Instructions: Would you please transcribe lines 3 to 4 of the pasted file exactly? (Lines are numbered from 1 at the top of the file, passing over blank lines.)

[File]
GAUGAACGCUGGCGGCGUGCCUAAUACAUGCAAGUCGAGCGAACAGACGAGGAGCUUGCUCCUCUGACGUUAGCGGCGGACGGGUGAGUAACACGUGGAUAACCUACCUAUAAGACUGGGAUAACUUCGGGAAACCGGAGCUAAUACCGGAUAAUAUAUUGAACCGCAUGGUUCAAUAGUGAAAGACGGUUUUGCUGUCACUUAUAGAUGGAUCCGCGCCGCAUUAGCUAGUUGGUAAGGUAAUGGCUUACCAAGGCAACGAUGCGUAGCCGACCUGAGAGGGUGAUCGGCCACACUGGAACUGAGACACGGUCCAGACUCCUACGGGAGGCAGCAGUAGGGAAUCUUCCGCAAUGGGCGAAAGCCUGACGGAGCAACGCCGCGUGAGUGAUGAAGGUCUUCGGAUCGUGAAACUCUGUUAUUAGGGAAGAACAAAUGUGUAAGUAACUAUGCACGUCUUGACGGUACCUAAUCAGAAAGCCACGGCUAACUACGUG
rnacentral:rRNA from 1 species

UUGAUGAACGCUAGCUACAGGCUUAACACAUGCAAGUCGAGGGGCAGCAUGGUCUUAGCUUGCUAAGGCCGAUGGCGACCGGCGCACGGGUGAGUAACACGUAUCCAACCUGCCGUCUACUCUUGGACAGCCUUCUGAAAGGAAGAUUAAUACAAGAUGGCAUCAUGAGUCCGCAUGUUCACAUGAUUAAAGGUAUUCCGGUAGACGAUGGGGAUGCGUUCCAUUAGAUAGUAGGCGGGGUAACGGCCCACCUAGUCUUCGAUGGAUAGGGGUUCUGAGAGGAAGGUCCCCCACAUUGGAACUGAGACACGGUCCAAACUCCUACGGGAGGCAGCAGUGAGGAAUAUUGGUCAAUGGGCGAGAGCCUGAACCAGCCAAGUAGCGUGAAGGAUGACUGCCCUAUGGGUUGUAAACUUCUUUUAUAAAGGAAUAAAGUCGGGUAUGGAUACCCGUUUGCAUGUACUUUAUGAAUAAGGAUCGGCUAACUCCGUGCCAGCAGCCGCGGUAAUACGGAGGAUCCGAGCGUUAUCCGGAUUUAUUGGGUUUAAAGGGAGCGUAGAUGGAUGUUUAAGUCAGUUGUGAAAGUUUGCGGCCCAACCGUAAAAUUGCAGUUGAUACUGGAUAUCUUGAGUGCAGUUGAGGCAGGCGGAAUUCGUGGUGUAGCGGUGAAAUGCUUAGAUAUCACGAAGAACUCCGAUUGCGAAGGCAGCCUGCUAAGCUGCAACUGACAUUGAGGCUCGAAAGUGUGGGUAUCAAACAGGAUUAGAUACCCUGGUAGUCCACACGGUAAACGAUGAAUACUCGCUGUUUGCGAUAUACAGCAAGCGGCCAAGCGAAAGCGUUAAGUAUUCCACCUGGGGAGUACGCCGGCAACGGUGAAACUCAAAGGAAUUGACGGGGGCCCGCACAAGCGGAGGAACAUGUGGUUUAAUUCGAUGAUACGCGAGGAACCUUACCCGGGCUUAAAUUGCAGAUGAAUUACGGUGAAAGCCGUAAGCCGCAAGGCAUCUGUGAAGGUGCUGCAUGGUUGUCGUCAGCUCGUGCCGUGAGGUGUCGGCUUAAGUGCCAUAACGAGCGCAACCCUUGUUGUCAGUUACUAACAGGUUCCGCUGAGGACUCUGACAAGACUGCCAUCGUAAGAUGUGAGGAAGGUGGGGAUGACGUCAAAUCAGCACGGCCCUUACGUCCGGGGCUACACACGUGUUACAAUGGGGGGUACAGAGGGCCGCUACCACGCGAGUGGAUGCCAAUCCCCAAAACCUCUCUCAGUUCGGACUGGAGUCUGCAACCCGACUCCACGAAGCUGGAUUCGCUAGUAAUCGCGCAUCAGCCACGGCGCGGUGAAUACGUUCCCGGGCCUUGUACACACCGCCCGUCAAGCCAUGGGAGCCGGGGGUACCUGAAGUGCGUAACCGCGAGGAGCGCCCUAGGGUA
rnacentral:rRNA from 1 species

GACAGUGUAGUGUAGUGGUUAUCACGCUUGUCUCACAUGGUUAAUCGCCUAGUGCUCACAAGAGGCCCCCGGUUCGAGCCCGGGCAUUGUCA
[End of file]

UUGAUGAACGCUAGCUACAGGCUUAACACAUGCAAGUCGAGGGGCAGCAUGGUCUUAGCUUGCUAAGGCCGAUGGCGACCGGCGCACGGGUGAGUAACACGUAUCCAACCUGCCGUCUACUCUUGGACAGCCUUCUGAAAGGAAGAUUAAUACAAGAUGGCAUCAUGAGUCCGCAUGUUCACAUGAUUAAAGGUAUUCCGGUAGACGAUGGGGAUGCGUUCCAUUAGAUAGUAGGCGGGGUAACGGCCCACCUAGUCUUCGAUGGAUAGGGGUUCUGAGAGGAAGGUCCCCCACAUUGGAACUGAGACACGGUCCAAACUCCUACGGGAGGCAGCAGUGAGGAAUAUUGGUCAAUGGGCGAGAGCCUGAACCAGCCAAGUAGCGUGAAGGAUGACUGCCCUAUGGGUUGUAAACUUCUUUUAUAAAGGAAUAAAGUCGGGUAUGGAUACCCGUUUGCAUGUACUUUAUGAAUAAGGAUCGGCUAACUCCGUGCCAGCAGCCGCGGUAAUACGGAGGAUCCGAGCGUUAUCCGGAUUUAUUGGGUUUAAAGGGAGCGUAGAUGGAUGUUUAAGUCAGUUGUGAAAGUUUGCGGCCCAACCGUAAAAUUGCAGUUGAUACUGGAUAUCUUGAGUGCAGUUGAGGCAGGCGGAAUUCGUGGUGUAGCGGUGAAAUGCUUAGAUAUCACGAAGAACUCCGAUUGCGAAGGCAGCCUGCUAAGCUGCAACUGACAUUGAGGCUCGAAAGUGUGGGUAUCAAACAGGAUUAGAUACCCUGGUAGUCCACACGGUAAACGAUGAAUACUCGCUGUUUGCGAUAUACAGCAAGCGGCCAAGCGAAAGCGUUAAGUAUUCCACCUGGGGAGUACGCCGGCAACGGUGAAACUCAAAGGAAUUGACGGGGGCCCGCACAAGCGGAGGAACAUGUGGUUUAAUUCGAUGAUACGCGAGGAACCUUACCCGGGCUUAAAUUGCAGAUGAAUUACGGUGAAAGCCGUAAGCCGCAAGGCAUCUGUGAAGGUGCUGCAUGGUUGUCGUCAGCUCGUGCCGUGAGGUGUCGGCUUAAGUGCCAUAACGAGCGCAACCCUUGUUGUCAGUUACUAACAGGUUCCGCUGAGGACUCUGACAAGACUGCCAUCGUAAGAUGUGAGGAAGGUGGGGAUGACGUCAAAUCAGCACGGCCCUUACGUCCGGGGCUACACACGUGUUACAAUGGGGGGUACAGAGGGCCGCUACCACGCGAGUGGAUGCCAAUCCCCAAAACCUCUCUCAGUUCGGACUGGAGUCUGCAACCCGACUCCACGAAGCUGGAUUCGCUAGUAAUCGCGCAUCAGCCACGGCGCGGUGAAUACGUUCCCGGGCCUUGUACACACCGCCCGUCAAGCCAUGGGAGCCGGGGGUACCUGAAGUGCGUAACCGCGAGGAGCGCCCUAGGGUA
rnacentral:rRNA from 1 species